Sunday, 30 June 2013

Look, Look.

‘Look, look,’ I cry to the Horse Talker, like an eager six-year-old child. ‘Watch this.’

She kindly watches.

I break into a run. Red trots gently by my side. I slow to a walk. She at once walks. I run again; she trots. I walk, she walks. I stop, she stops.


The answer can only be yes. The Horse Talker sweetly supplies it.

I very rarely use the Universal We. It drives me nuts, most of the time, especially when it comes to women. We, say ladies on the radiophonic device, or in the magazines, or in the newspapers, all want X and Y and a bit of Z. What We want is often negative: to banish wrinkles, lose six pounds, get rid of cellulite.

Bugger off, I shout; I don’t want any of those things. I may have ovaries, but I have no interest in diets or shoes. Don’t tell me what I want; we have not even met.

But I dare to venture that We, as humans, almost all have a little voice in us which says: Look, look. Watch this. And what interests me is the things we choose to shout about. It may be: look, look, I can write a thesis, or make a million pounds, or drive a shiny car. It may be: I can make a garden or write a sonnet or do fascinating things with an old Fairy liquid bottle and some sticky-back plastic. (Or, in that case: look what I can do with nostalgic Blue Peter references.)

I suspect that possibly the road to inner peace leads to the quiet prairie of not having to prove oneself. Perhaps really, We should all try to get past the Look, Look voice. It is a form of pride and showing off, really. But on the other hand, it is very human. Someone said to me the other day that she thought life could be boiled down to needing three As: affirmation, affection and attention. The most generous thing you can give to a person is your time. You can watch, you can pay attention; you can be a witness.

For some reason, I quite like the fact that my current Look, Look involves something so basic that it would never make a YouTube hit. The other day, I watched a video on the internet of a young New Zealand woman putting a horse into counter canter without a saddle or a bridle. It was skill of a dazzling degree, and so natural and relaxed that it made me gasp.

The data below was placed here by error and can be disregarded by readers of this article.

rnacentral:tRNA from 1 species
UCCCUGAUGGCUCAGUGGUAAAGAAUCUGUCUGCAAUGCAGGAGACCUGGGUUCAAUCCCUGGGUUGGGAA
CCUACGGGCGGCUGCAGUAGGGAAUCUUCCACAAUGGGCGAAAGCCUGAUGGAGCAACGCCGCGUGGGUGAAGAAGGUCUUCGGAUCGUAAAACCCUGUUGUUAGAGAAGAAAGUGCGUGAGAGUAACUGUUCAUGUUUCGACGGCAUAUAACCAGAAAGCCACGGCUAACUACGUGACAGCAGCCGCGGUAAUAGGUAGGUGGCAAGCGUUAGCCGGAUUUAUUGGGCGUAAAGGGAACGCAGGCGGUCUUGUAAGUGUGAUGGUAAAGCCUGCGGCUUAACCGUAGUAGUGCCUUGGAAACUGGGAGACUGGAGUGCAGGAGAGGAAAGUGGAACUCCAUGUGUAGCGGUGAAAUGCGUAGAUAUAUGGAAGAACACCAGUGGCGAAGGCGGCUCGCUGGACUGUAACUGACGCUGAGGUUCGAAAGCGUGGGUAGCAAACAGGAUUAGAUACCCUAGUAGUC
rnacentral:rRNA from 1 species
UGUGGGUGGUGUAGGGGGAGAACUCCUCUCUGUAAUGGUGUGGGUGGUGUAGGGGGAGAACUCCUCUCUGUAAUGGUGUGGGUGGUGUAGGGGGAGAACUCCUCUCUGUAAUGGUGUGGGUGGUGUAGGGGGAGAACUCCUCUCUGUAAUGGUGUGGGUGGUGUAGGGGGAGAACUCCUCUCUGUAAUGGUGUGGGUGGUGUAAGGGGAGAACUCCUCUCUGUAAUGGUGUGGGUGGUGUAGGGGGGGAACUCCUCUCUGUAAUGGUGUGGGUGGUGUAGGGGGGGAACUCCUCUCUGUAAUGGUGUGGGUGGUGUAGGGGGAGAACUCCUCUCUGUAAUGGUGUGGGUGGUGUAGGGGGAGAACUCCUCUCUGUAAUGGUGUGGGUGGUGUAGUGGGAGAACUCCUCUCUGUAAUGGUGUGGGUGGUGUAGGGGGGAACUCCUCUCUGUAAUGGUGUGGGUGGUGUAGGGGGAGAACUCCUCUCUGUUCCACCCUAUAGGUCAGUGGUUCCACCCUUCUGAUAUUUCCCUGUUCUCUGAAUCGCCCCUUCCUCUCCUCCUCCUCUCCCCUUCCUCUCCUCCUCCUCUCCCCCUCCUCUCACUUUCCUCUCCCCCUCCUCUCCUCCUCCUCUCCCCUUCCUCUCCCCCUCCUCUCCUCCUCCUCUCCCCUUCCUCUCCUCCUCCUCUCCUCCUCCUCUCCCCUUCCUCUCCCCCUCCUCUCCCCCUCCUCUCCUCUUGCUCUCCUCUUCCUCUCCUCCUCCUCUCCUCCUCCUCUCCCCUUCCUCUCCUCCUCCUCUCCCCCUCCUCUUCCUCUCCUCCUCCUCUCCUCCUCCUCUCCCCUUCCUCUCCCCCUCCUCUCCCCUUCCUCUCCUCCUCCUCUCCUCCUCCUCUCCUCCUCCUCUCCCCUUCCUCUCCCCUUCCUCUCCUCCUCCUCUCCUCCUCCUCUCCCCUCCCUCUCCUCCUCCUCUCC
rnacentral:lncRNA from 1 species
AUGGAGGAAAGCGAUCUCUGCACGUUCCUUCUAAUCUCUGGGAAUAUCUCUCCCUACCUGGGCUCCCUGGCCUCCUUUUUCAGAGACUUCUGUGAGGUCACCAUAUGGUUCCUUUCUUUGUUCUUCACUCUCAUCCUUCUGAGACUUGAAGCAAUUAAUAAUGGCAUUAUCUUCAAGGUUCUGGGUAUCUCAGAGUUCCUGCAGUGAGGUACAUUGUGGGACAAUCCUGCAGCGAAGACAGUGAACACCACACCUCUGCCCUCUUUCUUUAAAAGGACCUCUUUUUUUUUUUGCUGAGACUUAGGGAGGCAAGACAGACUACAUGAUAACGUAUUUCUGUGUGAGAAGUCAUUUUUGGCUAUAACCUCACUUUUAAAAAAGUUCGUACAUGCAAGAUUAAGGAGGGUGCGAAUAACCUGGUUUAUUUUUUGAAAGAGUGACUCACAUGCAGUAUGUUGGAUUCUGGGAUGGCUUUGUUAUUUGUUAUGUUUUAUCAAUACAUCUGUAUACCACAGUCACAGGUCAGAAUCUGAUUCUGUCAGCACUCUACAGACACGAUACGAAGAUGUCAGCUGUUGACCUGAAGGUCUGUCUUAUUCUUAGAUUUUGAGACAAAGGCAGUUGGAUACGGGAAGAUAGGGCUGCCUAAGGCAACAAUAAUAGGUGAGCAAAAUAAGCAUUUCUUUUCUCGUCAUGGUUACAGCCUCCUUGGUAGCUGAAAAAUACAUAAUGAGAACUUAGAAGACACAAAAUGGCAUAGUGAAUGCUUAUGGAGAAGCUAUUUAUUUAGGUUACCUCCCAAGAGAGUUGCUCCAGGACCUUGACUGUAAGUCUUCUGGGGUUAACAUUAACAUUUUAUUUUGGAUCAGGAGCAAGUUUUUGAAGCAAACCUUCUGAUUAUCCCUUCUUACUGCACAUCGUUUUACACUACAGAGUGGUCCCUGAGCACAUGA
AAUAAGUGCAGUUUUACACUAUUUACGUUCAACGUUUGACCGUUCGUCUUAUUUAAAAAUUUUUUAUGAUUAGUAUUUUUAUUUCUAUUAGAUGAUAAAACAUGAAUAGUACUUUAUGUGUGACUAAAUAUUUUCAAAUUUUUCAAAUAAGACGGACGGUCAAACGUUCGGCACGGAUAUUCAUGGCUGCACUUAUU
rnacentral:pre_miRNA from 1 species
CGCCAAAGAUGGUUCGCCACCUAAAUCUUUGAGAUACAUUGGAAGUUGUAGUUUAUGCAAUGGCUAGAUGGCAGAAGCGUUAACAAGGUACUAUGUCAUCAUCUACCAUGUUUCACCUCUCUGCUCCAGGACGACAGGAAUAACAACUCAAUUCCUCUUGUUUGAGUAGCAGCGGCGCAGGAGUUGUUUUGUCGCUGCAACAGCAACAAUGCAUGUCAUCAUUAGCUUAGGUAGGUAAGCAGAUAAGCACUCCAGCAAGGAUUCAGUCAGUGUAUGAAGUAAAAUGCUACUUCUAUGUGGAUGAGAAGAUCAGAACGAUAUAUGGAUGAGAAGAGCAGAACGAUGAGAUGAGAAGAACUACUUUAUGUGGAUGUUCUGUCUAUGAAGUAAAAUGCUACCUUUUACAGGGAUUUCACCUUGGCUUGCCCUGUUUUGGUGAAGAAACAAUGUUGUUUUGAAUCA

I have to accept that I shall never be able to do that, just as I shall never be able to play a Mozart sonata, or sing like Nina Simone, for all my private efforts in the kitchen with only Stanley the Dog to hear. (I can, if the light is coming from the right direction, get a little blues break into my voice, and when that happens I flush with idiot pride.)

Yesterday, I did another kind of Look, Look. I had a two pound bet on four horses. My old dad loved nothing more than an accumulator and I do one pretty much every day, for fun, for the challenge, for the memory of the auld fella. I imagine him laughing his head off in the great William Hill in the sky.

My four lovely horses won. The bet paid £207.96. I was beside myself. I took at once to Twitter, to tell everyone. Well done, my racing posse said kindly; you deserve it, they tweeted, generously. Then I felt slightly ashamed. I metaphorically cleared my throat and shuffled my shoes. Of course, I wrote, I don’t tell you all about my utter catastrophes. I was incredibly proud, and flushed with the thrill of the thing, but then I felt a bit bogus, boasting about it.

I’m not quite sure what the point of all this is. I did have a good point, when I started. I like to tell you small stories which have a moral to them. I like to dig out the life lessons, over and over, to remind myself. I learn things and then forget them and have to go back, endlessly, to the beginning.

I think perhaps the point was something about the small things, my enduring theme. I think it was that there will always be a bit of Look, Look, and even though I would love to be able to do complicated steps and championship manoeuvres, I rather like it that my current totem of utter achievement is that my horse and I may move in harmony. It’s not fancy, but it’s real.


Today’s pictures:

Are of the past week:

30 June 1 28-06-2013 10-35-40

30 June 2 26-06-2013 11-26-32

30 June 4 25-06-2013 15-56-20

30 June 6 21-06-2013 11-28-18